Fashion has always been a mirror to society, and with today’s Balenciaga show set on muddy terrain, Demna may have been signalling this as a sign that there are more dark days ahead. Is this something we need right now, and isn’t fashion, especially in a summer season, meant to provide a form of escapism? Alternatively, the designer may be choosing to address todays challenges head on, by evoking an emotive response through the placing of his version of luxury in a barren wasteland.
Opening up for Balenciaga was Ye (formerly known as Kanye West), in what is likely to be one of the most talked about moments of Paris fashion week. Which after bringing the first – and probably last – Gap x Yeezy collection to fruition and having managed to escape being in his line of fire, Demna scored one of the coups of the season by convincing him to walk out first at the show.
The set of this show is a metaphor for digging for truth and being down to earth
– Demna, Balenciaga
Looking like the thaw which followed last season’s snowstorm, mountainess heaps of mud were formed in peaks to make up todays set, which the designer later commented was in fact a metaphor for “digging for the truth”, and another dark turn on his road to dystopia. It has been a curious thing to watch designers this season collectively ignore the brief (spring summer anyone?) and jump forward into fall or at the least a transitory season that leans more into the latter half of the year.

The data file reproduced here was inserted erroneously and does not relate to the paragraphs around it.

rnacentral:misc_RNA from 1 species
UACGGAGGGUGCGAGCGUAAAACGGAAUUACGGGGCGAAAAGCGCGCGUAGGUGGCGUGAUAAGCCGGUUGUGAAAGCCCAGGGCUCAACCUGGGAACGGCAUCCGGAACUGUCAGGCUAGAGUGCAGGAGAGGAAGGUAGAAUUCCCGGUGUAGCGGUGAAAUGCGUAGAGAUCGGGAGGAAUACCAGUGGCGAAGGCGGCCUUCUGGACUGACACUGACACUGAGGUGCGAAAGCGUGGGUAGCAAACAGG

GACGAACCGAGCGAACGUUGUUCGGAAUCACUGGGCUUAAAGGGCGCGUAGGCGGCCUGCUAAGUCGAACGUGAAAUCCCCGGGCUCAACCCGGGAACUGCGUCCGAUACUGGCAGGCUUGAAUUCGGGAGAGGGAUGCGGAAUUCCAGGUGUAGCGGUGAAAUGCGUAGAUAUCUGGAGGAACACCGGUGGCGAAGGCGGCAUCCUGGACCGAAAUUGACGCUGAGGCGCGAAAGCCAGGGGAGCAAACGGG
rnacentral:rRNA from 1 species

Streetwear, sports, and skin-tight were all present and correct, but to even use those terms to describe the collection goes against the mood Demna has been in of late, as stated in his show notes “Luxury, not luxury, street, couture, good, bad, buzz, viral, all of the same, who cares. Putting luxury fashion into the box of polished, exclusive, and visually expensive is limited and pretty old school”
Choosing to now, no longer explain his collections, verbally or otherwise, he is leaving it up to the individual, and those who get it, will get it. So, what else is new? First off, we had corsets and baby-carriers for the boys, as well as embellished tops which could be said to reference how the Gen Z customer wants to dress now and the move to create fashion for all who want to wear it.
Known for his love of the oversized, silhouettes were sent out with a play on proportions, with the most interesting being the fitted body and wide leg combination which became a formula that owes much to the #y2k revival.
An end run of seriously good gowns closed the show (sans a leather-clad model who was reminiscent of Edward Scissorhands), and outside of the embellishment there were easy-to-wear simple tank style dresses and a way to stand out if ever there was one in a fluffy neon knitted dress, which offered the only bright relief in a collection which erred on the dark side.
Fashion in its best case scenario should not need a story to be sold to someone. You either like it or not